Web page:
With Trayce Jackson-Davis and Race Thompson back, and promising 5-star freshman Malik Reneau on board, minutes won’t be easy to come by in Indiana’s frontcourt.
Junior forward Jordan Geronimo has waited patiently for his opportunity. His minutes inched up from 8.1 per contest as a freshman in 2020-21 to 12.6 last season.
But an extra year of eligibility meant Thompson could return, and his decision to do so had many wondering if Geronimo would seek an opportunity elsewhere.
He did — on the perimeter.
Geronimo announced his decision to return to the program in late April, after Thompson’s announcement and Reneau’s commitment. His choice to stay in Bloomington was fueled by the opportunity he sees to play at the small forward position, a spot at 6-foot-6 he’ll need to gravitate to sooner than later anyway if he wants to play at the next level.
“I’m working on my guard skills,” Geronimo said on the popular IU show Crimson Cast. “I’m trying to be a three this year so I can expand my role as a player. This offseason I’m working on improving my handle, reading situations that I’m going to be in from the three. Of course my jump shot (too).”
While his athletic gifts are undeniable, Geronimo has struggled at times when he has the ball away from the basket. He frequently made bad passes and had a 21.3 percent turnover rate, highest among the forwards on the team. Geronimo also had the lowest assist rate on the team.
“I think for him it is just about decision making and being able to handle the ball better,” Thompson said of Geronimo last week. “He’s an elite defender. Everybody knows that. That’s not an issue. I think it just really comes down to being able to handle the ball and make good decisions.
“He’s been doing well in practice, improving every single day, and it’s fun to watch him from being a person who didn’t really handle the ball to being able to make a move, get by a defender, pump fake, one-dribble pull-up and being able to do that just in one summer is very impressive, and hopefully he can keep building on that and he can help us a lot.”
Geronimo says he is starting from a good place coming off of his sophomore campaign. He had 10 points in 13 minutes in a late season game at Minnesota, averaged 12 points and 6.5 rebounds in the two NCAA Tournament games, and Geronimo had two blocks and was on the floor as part of an elite team defensive effort as IU rallied against Michigan in the Big Ten Tournament.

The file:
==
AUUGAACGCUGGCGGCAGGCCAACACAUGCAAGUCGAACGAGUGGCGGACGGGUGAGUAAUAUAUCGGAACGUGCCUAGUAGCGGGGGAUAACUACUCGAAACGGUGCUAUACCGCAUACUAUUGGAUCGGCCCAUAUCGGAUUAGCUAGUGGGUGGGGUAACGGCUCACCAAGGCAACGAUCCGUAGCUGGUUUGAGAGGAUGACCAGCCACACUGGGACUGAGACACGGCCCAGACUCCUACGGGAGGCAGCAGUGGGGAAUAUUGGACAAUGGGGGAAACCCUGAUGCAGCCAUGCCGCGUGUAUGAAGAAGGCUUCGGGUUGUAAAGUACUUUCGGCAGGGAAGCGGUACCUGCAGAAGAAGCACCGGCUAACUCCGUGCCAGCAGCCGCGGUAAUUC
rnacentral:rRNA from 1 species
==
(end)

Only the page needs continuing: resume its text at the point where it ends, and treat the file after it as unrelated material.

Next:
“My confidence was at an all-time high, being able to help my teammates win however I can,” Geronimo said of his lates season surge. “Being able to end the season knowing that I helped my team go farther is a great feeling. I’m just trying to use that to motivate me to keep getting better.”
To get himself ready for his transition out to the perimeter, Geronimo is watching film.
“I watch a lot of film with (assistant) coach Kenya Hunter, we watch the practices that we had and I’m learning about the things that I used to do that I shouldn’t be doing, and just learning about the new role as a three-man.”
Since he was in high school, Geronimo has liked to watch one player in particular who developed into a perimeter player to compliment his size and athleticism.
“When I was in high school I looked at De’Andre Hunter who graduated from UVA (Virginia) and plays for the Atlanta Hawks. I just love his game,” Geronimo said. “I feel like the stuff that he’s doing at the NBA level is something that I can do if I put myself in that position. I like his game a lot.”
Hunter led Virginia to the 2019 national championship before leaving for the NBA.
Geronimo isn’t ready to make national title predictions for the 2022-23 Hoosiers, but he can see it first hand — the talent level is different this year.
“We play a lot of pick-up games with this team, and just seeing us play, I feel like the potential we have with this team is crazy,” Geronimo said.
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